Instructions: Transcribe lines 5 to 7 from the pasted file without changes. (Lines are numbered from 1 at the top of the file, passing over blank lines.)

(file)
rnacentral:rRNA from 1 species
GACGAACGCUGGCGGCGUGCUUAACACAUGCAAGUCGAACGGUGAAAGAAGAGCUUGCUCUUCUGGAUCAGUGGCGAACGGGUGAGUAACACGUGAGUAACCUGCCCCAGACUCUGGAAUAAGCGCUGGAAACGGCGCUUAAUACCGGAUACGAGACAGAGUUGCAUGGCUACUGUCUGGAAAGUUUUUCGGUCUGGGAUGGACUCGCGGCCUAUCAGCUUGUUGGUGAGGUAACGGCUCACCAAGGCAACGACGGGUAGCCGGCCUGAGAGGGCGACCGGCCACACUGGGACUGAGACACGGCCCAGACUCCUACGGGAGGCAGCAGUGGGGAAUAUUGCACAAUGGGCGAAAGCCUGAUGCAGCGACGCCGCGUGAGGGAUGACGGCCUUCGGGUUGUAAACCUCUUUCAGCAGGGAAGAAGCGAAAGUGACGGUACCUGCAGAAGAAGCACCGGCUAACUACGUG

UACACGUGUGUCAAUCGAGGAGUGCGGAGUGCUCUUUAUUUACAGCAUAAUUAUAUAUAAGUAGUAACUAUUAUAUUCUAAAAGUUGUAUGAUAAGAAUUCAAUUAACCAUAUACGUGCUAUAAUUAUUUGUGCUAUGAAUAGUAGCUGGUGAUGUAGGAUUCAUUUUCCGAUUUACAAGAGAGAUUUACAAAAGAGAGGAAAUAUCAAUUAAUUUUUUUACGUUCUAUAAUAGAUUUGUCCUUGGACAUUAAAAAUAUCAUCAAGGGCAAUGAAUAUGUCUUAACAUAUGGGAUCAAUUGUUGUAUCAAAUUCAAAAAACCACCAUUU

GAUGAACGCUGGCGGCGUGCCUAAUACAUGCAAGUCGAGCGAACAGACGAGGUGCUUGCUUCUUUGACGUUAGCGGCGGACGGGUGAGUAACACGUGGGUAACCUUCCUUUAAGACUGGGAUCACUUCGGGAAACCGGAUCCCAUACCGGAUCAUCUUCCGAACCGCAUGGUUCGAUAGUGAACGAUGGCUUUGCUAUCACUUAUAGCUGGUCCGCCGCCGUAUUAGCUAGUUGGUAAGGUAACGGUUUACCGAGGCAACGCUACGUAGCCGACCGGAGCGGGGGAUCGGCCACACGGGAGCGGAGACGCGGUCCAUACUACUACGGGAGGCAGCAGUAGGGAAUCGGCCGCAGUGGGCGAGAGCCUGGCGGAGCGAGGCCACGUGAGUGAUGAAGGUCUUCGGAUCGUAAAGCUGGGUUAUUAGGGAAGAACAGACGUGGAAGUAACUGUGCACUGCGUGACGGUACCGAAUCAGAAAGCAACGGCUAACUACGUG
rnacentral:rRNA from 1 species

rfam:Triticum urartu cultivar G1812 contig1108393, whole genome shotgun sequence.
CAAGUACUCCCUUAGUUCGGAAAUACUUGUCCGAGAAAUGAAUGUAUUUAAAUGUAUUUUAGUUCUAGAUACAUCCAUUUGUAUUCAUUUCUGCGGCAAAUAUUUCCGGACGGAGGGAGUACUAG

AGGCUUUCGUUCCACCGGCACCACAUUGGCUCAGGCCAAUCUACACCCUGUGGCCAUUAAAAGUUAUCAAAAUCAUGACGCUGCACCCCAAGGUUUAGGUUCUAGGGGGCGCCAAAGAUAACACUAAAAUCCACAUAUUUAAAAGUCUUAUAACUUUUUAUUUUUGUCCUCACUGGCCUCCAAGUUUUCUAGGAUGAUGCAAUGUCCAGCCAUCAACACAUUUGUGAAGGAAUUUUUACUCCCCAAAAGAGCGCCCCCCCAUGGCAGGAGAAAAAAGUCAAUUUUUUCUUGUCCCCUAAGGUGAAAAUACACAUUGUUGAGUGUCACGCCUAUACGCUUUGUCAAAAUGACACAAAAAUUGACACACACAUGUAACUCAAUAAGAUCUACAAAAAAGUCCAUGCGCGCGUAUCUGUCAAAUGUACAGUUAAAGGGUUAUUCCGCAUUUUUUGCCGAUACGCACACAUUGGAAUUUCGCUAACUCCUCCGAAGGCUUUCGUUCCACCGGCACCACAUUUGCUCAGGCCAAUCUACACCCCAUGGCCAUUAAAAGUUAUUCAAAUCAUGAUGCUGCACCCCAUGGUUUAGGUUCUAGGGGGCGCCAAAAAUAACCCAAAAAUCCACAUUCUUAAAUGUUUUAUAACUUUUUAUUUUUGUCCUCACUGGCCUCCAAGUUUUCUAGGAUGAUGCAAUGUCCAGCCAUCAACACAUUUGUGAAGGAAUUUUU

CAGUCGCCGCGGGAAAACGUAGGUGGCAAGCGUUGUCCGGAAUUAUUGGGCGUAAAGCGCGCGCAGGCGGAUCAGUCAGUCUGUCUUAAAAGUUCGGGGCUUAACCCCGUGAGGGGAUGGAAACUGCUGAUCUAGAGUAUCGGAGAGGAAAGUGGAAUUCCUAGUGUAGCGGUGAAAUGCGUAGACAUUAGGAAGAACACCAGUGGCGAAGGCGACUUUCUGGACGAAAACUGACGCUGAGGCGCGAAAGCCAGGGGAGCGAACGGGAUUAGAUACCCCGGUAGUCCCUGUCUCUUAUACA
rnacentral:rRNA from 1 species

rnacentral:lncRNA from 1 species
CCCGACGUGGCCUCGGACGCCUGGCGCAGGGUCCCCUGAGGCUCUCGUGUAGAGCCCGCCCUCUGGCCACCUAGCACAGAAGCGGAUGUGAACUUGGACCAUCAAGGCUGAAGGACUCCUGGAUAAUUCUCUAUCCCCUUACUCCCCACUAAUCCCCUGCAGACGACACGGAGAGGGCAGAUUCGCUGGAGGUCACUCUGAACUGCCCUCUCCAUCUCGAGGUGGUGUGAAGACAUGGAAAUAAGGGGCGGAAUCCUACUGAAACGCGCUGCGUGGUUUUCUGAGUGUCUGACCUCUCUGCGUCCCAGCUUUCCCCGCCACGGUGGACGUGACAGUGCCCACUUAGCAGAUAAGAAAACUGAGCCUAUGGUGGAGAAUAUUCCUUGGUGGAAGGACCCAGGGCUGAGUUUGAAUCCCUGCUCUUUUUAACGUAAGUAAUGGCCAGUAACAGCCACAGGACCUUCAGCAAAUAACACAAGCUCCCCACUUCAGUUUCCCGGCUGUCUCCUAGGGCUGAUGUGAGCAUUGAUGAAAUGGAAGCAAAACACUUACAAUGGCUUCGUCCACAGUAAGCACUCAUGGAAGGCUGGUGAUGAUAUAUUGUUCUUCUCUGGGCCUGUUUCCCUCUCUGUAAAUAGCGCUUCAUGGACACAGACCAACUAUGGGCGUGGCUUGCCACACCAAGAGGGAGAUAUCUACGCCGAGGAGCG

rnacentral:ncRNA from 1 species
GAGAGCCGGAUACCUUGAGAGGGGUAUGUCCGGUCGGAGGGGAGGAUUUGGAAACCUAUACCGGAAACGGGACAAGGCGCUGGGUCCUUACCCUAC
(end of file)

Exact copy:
rnacentral:rRNA from 1 species

rfam:Triticum urartu cultivar G1812 contig1108393, whole genome shotgun sequence.
CAAGUACUCCCUUAGUUCGGAAAUACUUGUCCGAGAAAUGAAUGUAUUUAAAUGUAUUUUAGUUCUAGAUACAUCCAUUUGUAUUCAUUUCUGCGGCAAAUAUUUCCGGACGGAGGGAGUACUAG